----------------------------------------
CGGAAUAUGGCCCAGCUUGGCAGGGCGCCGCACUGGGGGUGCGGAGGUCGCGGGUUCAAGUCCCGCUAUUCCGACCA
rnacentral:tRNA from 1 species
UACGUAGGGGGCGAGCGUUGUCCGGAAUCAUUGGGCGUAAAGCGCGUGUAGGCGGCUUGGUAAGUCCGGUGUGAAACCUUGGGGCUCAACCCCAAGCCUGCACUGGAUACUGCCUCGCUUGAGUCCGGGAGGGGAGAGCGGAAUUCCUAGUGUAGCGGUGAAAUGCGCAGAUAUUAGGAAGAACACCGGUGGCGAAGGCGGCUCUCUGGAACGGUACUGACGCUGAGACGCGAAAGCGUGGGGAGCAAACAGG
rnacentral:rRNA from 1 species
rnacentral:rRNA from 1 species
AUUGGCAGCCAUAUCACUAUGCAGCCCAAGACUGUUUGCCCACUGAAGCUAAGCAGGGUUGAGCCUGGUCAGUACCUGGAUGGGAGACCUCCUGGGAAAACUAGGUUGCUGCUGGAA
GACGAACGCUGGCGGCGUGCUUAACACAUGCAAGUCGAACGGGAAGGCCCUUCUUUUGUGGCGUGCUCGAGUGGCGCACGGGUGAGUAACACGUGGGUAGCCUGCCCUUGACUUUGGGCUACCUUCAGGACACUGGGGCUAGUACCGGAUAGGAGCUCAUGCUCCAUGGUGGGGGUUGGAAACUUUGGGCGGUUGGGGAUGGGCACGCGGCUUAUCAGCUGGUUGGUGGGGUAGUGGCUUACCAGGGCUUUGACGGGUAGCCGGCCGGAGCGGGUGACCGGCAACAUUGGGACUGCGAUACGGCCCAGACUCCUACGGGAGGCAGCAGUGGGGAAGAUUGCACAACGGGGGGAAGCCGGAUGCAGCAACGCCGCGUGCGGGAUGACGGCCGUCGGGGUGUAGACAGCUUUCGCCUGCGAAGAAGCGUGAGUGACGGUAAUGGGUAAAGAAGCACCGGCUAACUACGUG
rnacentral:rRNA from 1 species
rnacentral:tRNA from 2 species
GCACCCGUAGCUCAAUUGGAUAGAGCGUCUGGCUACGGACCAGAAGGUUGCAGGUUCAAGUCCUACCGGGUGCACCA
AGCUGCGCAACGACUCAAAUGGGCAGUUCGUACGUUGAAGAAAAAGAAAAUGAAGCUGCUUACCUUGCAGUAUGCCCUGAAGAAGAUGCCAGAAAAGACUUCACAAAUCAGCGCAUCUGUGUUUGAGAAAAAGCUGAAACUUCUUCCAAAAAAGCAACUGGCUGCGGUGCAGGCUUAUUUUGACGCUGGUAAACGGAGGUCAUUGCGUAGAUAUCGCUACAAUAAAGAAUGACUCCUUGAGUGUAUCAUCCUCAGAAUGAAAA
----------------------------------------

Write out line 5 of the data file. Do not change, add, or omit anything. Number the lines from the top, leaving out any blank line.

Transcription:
rnacentral:rRNA from 1 species